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Business|SMS|University Of Cape Town
Business|SMS|University Of Cape Town

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Case Law: Wood / University of Cape Town [2014] 3 BALR 310 (CCMA)

5th May 2014


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Towards the end of 2011 a situation of incompatibility arose between the applicant and two of his colleagues in the respondent’s Graduate School of Business. The respondent proposed that the applicant be transferred (with no loss of benefits) to the School of Management Studies in the Commerce Faculty, which the applicant was not willing to accept as according to him, the transfer amounted to an unfair demotion.

Referring to Grogan (Dismissal, Discrimination and Unfair Labour Practices (1ed page 54) the commissioner held:


“A demotion occurs if the change to the employee’s terms and conditions of employment are such that they result in a material reduction of the employee’s remuneration, responsibilities or status.  A demotion does not occur merely because the employee is placed in a post involving slightly different work, especially when that work falls within the scope of the employee’s duties.  The mere fact that an employee’s title and remuneration remains the same is not necessarily proof that a demotion has not occurred.”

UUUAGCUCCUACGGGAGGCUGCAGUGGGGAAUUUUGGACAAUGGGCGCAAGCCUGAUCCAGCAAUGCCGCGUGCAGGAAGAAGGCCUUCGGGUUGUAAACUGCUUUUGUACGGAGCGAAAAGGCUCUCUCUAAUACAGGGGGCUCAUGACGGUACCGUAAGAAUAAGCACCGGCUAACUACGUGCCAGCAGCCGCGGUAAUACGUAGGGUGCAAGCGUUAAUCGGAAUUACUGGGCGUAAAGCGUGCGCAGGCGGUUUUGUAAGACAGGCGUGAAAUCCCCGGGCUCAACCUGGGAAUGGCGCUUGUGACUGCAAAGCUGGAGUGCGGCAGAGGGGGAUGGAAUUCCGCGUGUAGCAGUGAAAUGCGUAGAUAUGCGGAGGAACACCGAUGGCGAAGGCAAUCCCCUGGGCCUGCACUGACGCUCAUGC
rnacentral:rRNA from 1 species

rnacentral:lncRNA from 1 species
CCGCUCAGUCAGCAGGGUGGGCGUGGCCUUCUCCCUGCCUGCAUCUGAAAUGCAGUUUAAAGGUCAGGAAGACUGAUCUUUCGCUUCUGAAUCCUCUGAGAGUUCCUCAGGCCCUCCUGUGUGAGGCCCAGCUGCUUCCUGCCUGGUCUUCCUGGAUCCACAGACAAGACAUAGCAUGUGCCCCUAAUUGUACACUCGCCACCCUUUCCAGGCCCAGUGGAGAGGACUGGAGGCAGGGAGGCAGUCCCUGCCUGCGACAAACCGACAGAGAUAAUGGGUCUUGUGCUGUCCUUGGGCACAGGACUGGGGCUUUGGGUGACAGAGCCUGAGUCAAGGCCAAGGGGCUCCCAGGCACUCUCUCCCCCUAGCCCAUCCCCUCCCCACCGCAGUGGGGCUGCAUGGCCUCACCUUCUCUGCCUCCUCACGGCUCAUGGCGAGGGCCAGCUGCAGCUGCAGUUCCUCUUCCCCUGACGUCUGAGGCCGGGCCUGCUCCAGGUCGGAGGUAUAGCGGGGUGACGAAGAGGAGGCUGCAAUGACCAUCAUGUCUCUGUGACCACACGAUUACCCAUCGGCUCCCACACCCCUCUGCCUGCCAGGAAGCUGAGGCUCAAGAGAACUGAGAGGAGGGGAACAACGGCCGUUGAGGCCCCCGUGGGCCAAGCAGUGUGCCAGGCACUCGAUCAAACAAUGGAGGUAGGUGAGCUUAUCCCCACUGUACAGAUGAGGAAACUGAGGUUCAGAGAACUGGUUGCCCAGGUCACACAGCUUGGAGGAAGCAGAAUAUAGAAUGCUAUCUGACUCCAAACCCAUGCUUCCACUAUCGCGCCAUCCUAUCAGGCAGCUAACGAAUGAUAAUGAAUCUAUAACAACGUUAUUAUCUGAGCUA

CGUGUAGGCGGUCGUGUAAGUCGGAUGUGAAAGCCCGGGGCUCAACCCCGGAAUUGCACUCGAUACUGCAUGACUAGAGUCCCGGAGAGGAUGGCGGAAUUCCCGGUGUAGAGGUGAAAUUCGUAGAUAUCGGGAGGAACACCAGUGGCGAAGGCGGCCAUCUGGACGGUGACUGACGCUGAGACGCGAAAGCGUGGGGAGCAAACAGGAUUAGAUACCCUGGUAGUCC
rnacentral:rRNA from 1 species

The commissioner was not convinced that the transfer constituted a demotion - however, even if it did, the commissioner was satisfied that it was not an unfair demotion. The fairness of the transfer must be judged with reference to the interests of both parties.  The competing interests of the parties must be balanced. The respondent would suffer more harm if the applicant were to return to the GSB, than the applicant would suffer by remaining at the SMS.


The transfer which was neither unfair conduct in relation to demotion, nor unfair disciplinary action short of dismissal, was a sensible and fair response by the respondent to an operational problem. The referral of an unfair labour practice was therefore dismissed.

By Nicolene Erasmus

First published on SA Labour Guide


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